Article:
Letter from Andrew Blaikie to his wife, Jean

Windsor, Friday Evening, 7 o’clock.

My dear,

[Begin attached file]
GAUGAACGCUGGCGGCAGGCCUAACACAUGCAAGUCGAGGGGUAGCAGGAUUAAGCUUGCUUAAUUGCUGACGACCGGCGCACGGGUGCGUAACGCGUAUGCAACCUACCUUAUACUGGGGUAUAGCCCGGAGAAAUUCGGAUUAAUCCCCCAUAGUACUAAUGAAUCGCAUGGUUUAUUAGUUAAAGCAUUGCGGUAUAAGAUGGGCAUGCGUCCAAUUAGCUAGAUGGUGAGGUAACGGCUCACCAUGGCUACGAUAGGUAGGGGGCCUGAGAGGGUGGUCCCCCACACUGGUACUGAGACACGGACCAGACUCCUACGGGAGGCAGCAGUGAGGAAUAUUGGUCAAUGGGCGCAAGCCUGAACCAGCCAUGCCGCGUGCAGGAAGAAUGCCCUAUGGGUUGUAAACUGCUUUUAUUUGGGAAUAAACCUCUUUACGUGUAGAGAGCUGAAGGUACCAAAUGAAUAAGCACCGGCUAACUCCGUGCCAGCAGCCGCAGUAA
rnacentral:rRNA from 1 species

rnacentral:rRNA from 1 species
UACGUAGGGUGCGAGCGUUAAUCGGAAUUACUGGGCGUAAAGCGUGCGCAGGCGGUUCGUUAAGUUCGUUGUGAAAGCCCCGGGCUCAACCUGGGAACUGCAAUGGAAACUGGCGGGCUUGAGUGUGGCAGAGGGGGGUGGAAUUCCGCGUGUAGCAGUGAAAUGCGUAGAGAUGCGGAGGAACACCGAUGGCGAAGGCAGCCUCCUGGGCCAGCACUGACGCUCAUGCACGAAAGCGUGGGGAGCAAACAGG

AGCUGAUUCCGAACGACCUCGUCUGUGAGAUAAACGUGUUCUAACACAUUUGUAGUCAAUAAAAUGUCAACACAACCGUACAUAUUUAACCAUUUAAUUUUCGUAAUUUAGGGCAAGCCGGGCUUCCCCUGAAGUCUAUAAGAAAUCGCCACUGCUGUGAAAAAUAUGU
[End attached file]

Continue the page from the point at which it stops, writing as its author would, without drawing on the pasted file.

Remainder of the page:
I arrived here to-day at 12 as little fatigued as when I left you. As to Frank, he is as well as I could wish; the distance excepted. He set me to Burton, and even past it. Sunday morning we parted in seeming good spirits. But I durst not look back to him; and so childish was I that my heart filled and swelled, that I was obliged to give vent to the effusion of tears and cry like a bairn. In a mile or two came round, and saw Lichfield Cathedral. Grand indeed, both out and in. Have seen Blenheim House round and round; Woodstock parks, &c. I did not think there was such a place on earth. Saw all the different Colleges in Oxford, 18 in number, with many noble things else. I sent Lord Chesterfield’s letter to the King’s farmer after I lighted, with a card of my own, wishing to know when and where I was to see him to-morrow to see all His Majesty’s farming stocks, &c. I received a very genteel card telling me he would call upon me in the morning at 8, and show me anything I wished. After dinner the master of the public-house, such a man as, a very great intimate of Frank’s, went out with me. Walked out to the park, where I saw the sheep, feeding cattle, dairy of cows, milk-houses, and all the apparatus. The mistress of that appointment also acquainted with Frank. I understood the King’s servants and Chesterfield’s were as well acquainted as Mr Murray’s and ours are – the principal groom, huntsman, and others. We then got into Windsor Castle or Palace, into every room of it. The paintings, statues, state beds, ancient dresses and arms deposited there are superb, and vast in number beyond what I can say or any person conceive that has not seen them. The Royal flag flying on the top of the castle. The whole of the Princesses, King, and Queen here. This day being Good Friday, they were all at church, but out before I was ready to go out. They live in a separate house from the palace, in a house not much better than Merton. They call it Windsor Lodge. There is to be a public view of the Royal family on Sunday afternoon on the terrace, when every person of decent appearance may walk past and past them, and hear them conversing. I shall wait that exhibition. Ride as far that night as I can, in order to see Smithfield market.